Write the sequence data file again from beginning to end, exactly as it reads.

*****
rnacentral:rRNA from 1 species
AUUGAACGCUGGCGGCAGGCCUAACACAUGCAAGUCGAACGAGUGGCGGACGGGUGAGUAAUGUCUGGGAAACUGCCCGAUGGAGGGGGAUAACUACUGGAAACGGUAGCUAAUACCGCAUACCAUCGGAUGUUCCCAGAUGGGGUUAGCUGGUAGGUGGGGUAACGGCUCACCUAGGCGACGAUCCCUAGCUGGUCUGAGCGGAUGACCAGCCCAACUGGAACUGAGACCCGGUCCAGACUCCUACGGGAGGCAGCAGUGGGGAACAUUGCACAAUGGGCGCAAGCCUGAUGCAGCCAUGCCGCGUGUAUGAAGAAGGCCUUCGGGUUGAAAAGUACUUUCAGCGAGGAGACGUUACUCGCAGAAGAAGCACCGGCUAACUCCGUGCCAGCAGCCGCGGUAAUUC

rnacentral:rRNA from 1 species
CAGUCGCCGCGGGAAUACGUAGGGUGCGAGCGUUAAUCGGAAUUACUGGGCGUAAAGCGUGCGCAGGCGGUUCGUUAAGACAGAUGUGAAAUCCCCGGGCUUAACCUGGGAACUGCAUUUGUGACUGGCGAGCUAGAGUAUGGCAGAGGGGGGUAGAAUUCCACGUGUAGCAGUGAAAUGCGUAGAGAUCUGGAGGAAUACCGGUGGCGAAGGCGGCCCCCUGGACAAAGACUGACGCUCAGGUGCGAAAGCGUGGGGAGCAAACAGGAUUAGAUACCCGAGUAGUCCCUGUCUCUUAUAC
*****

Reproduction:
rnacentral:rRNA from 1 species
AUUGAACGCUGGCGGCAGGCCUAACACAUGCAAGUCGAACGAGUGGCGGACGGGUGAGUAAUGUCUGGGAAACUGCCCGAUGGAGGGGGAUAACUACUGGAAACGGUAGCUAAUACCGCAUACCAUCGGAUGUUCCCAGAUGGGGUUAGCUGGUAGGUGGGGUAACGGCUCACCUAGGCGACGAUCCCUAGCUGGUCUGAGCGGAUGACCAGCCCAACUGGAACUGAGACCCGGUCCAGACUCCUACGGGAGGCAGCAGUGGGGAACAUUGCACAAUGGGCGCAAGCCUGAUGCAGCCAUGCCGCGUGUAUGAAGAAGGCCUUCGGGUUGAAAAGUACUUUCAGCGAGGAGACGUUACUCGCAGAAGAAGCACCGGCUAACUCCGUGCCAGCAGCCGCGGUAAUUC

rnacentral:rRNA from 1 species
CAGUCGCCGCGGGAAUACGUAGGGUGCGAGCGUUAAUCGGAAUUACUGGGCGUAAAGCGUGCGCAGGCGGUUCGUUAAGACAGAUGUGAAAUCCCCGGGCUUAACCUGGGAACUGCAUUUGUGACUGGCGAGCUAGAGUAUGGCAGAGGGGGGUAGAAUUCCACGUGUAGCAGUGAAAUGCGUAGAGAUCUGGAGGAAUACCGGUGGCGAAGGCGGCCCCCUGGACAAAGACUGACGCUCAGGUGCGAAAGCGUGGGGAGCAAACAGGAUUAGAUACCCGAGUAGUCCCUGUCUCUUAUAC